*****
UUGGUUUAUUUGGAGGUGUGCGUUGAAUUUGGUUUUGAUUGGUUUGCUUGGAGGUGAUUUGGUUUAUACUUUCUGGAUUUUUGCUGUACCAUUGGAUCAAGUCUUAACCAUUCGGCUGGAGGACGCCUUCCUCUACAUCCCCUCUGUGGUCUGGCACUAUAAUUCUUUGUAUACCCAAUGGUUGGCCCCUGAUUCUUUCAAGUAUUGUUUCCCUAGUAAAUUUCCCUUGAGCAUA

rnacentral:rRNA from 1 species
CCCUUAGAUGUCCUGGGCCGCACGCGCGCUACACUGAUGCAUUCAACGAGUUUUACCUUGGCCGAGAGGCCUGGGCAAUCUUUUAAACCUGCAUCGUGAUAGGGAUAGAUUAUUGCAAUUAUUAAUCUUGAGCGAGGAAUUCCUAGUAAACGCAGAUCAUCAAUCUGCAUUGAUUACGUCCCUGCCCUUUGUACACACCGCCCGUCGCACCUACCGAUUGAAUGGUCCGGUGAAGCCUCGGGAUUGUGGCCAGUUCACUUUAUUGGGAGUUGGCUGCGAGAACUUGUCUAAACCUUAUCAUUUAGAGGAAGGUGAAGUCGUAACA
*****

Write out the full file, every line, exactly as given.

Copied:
UUGGUUUAUUUGGAGGUGUGCGUUGAAUUUGGUUUUGAUUGGUUUGCUUGGAGGUGAUUUGGUUUAUACUUUCUGGAUUUUUGCUGUACCAUUGGAUCAAGUCUUAACCAUUCGGCUGGAGGACGCCUUCCUCUACAUCCCCUCUGUGGUCUGGCACUAUAAUUCUUUGUAUACCCAAUGGUUGGCCCCUGAUUCUUUCAAGUAUUGUUUCCCUAGUAAAUUUCCCUUGAGCAUA

rnacentral:rRNA from 1 species
CCCUUAGAUGUCCUGGGCCGCACGCGCGCUACACUGAUGCAUUCAACGAGUUUUACCUUGGCCGAGAGGCCUGGGCAAUCUUUUAAACCUGCAUCGUGAUAGGGAUAGAUUAUUGCAAUUAUUAAUCUUGAGCGAGGAAUUCCUAGUAAACGCAGAUCAUCAAUCUGCAUUGAUUACGUCCCUGCCCUUUGUACACACCGCCCGUCGCACCUACCGAUUGAAUGGUCCGGUGAAGCCUCGGGAUUGUGGCCAGUUCACUUUAUUGGGAGUUGGCUGCGAGAACUUGUCUAAACCUUAUCAUUUAGAGGAAGGUGAAGUCGUAACA